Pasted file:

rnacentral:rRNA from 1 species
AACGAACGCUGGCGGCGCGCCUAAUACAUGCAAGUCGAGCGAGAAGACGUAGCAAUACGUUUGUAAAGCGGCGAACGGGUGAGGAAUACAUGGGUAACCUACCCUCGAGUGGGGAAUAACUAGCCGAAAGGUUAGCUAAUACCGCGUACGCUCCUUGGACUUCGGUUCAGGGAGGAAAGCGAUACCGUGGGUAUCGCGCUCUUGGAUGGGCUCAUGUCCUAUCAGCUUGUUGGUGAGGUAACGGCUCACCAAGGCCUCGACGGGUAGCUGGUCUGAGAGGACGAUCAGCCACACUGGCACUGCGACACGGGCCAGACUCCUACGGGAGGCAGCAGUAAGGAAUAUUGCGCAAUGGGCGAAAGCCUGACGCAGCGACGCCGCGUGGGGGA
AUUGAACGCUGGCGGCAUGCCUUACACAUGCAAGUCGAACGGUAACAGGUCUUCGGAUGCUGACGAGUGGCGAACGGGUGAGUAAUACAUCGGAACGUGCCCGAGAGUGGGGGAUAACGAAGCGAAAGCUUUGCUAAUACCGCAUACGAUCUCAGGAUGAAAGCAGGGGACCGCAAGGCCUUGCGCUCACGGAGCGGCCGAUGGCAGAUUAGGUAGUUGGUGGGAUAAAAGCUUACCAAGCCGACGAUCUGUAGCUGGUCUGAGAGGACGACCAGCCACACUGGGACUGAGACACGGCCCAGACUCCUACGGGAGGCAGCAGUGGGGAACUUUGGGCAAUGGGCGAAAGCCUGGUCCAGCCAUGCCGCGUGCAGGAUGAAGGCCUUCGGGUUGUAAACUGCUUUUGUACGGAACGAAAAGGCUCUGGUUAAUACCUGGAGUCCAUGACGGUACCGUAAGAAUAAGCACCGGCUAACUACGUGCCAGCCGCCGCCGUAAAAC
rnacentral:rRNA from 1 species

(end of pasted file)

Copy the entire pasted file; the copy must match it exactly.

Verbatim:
rnacentral:rRNA from 1 species
AACGAACGCUGGCGGCGCGCCUAAUACAUGCAAGUCGAGCGAGAAGACGUAGCAAUACGUUUGUAAAGCGGCGAACGGGUGAGGAAUACAUGGGUAACCUACCCUCGAGUGGGGAAUAACUAGCCGAAAGGUUAGCUAAUACCGCGUACGCUCCUUGGACUUCGGUUCAGGGAGGAAAGCGAUACCGUGGGUAUCGCGCUCUUGGAUGGGCUCAUGUCCUAUCAGCUUGUUGGUGAGGUAACGGCUCACCAAGGCCUCGACGGGUAGCUGGUCUGAGAGGACGAUCAGCCACACUGGCACUGCGACACGGGCCAGACUCCUACGGGAGGCAGCAGUAAGGAAUAUUGCGCAAUGGGCGAAAGCCUGACGCAGCGACGCCGCGUGGGGGA
AUUGAACGCUGGCGGCAUGCCUUACACAUGCAAGUCGAACGGUAACAGGUCUUCGGAUGCUGACGAGUGGCGAACGGGUGAGUAAUACAUCGGAACGUGCCCGAGAGUGGGGGAUAACGAAGCGAAAGCUUUGCUAAUACCGCAUACGAUCUCAGGAUGAAAGCAGGGGACCGCAAGGCCUUGCGCUCACGGAGCGGCCGAUGGCAGAUUAGGUAGUUGGUGGGAUAAAAGCUUACCAAGCCGACGAUCUGUAGCUGGUCUGAGAGGACGACCAGCCACACUGGGACUGAGACACGGCCCAGACUCCUACGGGAGGCAGCAGUGGGGAACUUUGGGCAAUGGGCGAAAGCCUGGUCCAGCCAUGCCGCGUGCAGGAUGAAGGCCUUCGGGUUGUAAACUGCUUUUGUACGGAACGAAAAGGCUCUGGUUAAUACCUGGAGUCCAUGACGGUACCGUAAGAAUAAGCACCGGCUAACUACGUGCCAGCCGCCGCCGUAAAAC
rnacentral:rRNA from 1 species